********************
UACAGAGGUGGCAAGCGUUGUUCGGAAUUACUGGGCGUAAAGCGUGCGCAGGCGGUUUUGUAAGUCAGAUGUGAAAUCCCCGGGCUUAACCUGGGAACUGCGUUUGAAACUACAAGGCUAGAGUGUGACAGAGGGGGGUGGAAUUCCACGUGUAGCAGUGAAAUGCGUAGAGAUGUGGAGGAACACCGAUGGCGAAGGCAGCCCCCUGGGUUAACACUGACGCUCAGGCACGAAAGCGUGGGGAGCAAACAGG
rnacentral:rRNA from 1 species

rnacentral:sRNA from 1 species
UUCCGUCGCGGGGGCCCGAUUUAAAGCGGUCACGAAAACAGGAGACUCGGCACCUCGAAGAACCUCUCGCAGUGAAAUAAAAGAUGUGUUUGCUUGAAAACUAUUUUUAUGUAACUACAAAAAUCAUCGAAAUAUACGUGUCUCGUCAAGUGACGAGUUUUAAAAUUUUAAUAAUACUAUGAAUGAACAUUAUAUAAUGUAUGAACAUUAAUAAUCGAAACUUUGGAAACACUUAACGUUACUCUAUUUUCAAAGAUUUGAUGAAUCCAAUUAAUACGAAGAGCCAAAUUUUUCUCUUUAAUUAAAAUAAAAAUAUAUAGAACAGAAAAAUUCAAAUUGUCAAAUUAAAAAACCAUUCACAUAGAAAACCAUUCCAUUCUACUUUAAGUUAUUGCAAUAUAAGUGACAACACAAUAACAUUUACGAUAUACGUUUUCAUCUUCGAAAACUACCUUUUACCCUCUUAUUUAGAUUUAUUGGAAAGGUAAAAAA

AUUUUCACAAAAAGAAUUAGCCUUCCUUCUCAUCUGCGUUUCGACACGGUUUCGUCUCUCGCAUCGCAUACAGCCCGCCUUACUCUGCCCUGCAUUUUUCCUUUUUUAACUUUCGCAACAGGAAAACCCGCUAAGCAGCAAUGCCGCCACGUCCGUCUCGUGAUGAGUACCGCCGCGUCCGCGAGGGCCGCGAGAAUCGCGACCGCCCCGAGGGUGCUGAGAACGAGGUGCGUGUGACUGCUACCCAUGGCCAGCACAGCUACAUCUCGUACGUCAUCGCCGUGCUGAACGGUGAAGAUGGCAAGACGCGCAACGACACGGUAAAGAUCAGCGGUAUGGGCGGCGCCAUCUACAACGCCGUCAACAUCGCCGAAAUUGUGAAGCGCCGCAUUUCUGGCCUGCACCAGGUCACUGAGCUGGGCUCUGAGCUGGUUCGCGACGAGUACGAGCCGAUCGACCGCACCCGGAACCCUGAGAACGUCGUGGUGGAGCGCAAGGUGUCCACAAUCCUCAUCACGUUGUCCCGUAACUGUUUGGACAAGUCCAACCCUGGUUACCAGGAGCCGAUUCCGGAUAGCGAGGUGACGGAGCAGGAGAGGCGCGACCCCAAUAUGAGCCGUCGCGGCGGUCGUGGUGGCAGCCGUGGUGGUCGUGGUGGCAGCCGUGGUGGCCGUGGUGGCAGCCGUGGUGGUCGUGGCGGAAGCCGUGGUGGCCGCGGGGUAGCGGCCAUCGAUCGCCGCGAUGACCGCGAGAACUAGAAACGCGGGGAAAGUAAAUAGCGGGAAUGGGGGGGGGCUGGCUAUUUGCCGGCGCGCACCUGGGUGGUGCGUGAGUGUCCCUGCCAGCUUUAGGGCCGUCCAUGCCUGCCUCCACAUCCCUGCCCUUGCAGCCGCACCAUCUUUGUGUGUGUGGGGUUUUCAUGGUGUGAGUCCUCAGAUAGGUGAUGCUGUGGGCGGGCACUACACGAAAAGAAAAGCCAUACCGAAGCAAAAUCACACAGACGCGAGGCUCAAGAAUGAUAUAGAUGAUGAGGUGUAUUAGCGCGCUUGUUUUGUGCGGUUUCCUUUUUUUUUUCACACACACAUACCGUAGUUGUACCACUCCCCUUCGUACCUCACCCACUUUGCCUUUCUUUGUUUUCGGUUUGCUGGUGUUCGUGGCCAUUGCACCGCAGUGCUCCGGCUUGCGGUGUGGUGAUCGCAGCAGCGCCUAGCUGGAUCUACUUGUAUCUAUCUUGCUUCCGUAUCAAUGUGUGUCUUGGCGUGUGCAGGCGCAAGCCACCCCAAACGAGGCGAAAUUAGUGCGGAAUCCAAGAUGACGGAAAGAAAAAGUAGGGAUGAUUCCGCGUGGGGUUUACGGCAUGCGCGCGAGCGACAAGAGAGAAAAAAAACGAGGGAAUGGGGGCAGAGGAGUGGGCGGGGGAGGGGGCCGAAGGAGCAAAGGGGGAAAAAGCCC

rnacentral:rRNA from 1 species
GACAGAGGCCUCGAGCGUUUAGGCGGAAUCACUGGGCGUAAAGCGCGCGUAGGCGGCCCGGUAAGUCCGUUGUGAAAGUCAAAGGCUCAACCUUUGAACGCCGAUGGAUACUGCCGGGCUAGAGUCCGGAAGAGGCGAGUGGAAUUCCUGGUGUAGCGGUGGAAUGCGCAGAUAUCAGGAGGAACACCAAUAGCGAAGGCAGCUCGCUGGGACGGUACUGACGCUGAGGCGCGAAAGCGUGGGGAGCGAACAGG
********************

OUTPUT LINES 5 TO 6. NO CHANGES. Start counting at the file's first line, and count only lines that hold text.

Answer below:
AUUUUCACAAAAAGAAUUAGCCUUCCUUCUCAUCUGCGUUUCGACACGGUUUCGUCUCUCGCAUCGCAUACAGCCCGCCUUACUCUGCCCUGCAUUUUUCCUUUUUUAACUUUCGCAACAGGAAAACCCGCUAAGCAGCAAUGCCGCCACGUCCGUCUCGUGAUGAGUACCGCCGCGUCCGCGAGGGCCGCGAGAAUCGCGACCGCCCCGAGGGUGCUGAGAACGAGGUGCGUGUGACUGCUACCCAUGGCCAGCACAGCUACAUCUCGUACGUCAUCGCCGUGCUGAACGGUGAAGAUGGCAAGACGCGCAACGACACGGUAAAGAUCAGCGGUAUGGGCGGCGCCAUCUACAACGCCGUCAACAUCGCCGAAAUUGUGAAGCGCCGCAUUUCUGGCCUGCACCAGGUCACUGAGCUGGGCUCUGAGCUGGUUCGCGACGAGUACGAGCCGAUCGACCGCACCCGGAACCCUGAGAACGUCGUGGUGGAGCGCAAGGUGUCCACAAUCCUCAUCACGUUGUCCCGUAACUGUUUGGACAAGUCCAACCCUGGUUACCAGGAGCCGAUUCCGGAUAGCGAGGUGACGGAGCAGGAGAGGCGCGACCCCAAUAUGAGCCGUCGCGGCGGUCGUGGUGGCAGCCGUGGUGGUCGUGGUGGCAGCCGUGGUGGCCGUGGUGGCAGCCGUGGUGGUCGUGGCGGAAGCCGUGGUGGCCGCGGGGUAGCGGCCAUCGAUCGCCGCGAUGACCGCGAGAACUAGAAACGCGGGGAAAGUAAAUAGCGGGAAUGGGGGGGGGCUGGCUAUUUGCCGGCGCGCACCUGGGUGGUGCGUGAGUGUCCCUGCCAGCUUUAGGGCCGUCCAUGCCUGCCUCCACAUCCCUGCCCUUGCAGCCGCACCAUCUUUGUGUGUGUGGGGUUUUCAUGGUGUGAGUCCUCAGAUAGGUGAUGCUGUGGGCGGGCACUACACGAAAAGAAAAGCCAUACCGAAGCAAAAUCACACAGACGCGAGGCUCAAGAAUGAUAUAGAUGAUGAGGUGUAUUAGCGCGCUUGUUUUGUGCGGUUUCCUUUUUUUUUUCACACACACAUACCGUAGUUGUACCACUCCCCUUCGUACCUCACCCACUUUGCCUUUCUUUGUUUUCGGUUUGCUGGUGUUCGUGGCCAUUGCACCGCAGUGCUCCGGCUUGCGGUGUGGUGAUCGCAGCAGCGCCUAGCUGGAUCUACUUGUAUCUAUCUUGCUUCCGUAUCAAUGUGUGUCUUGGCGUGUGCAGGCGCAAGCCACCCCAAACGAGGCGAAAUUAGUGCGGAAUCCAAGAUGACGGAAAGAAAAAGUAGGGAUGAUUCCGCGUGGGGUUUACGGCAUGCGCGCGAGCGACAAGAGAGAAAAAAAACGAGGGAAUGGGGGCAGAGGAGUGGGCGGGGGAGGGGGCCGAAGGAGCAAAGGGGGAAAAAGCCC

rnacentral:rRNA from 1 species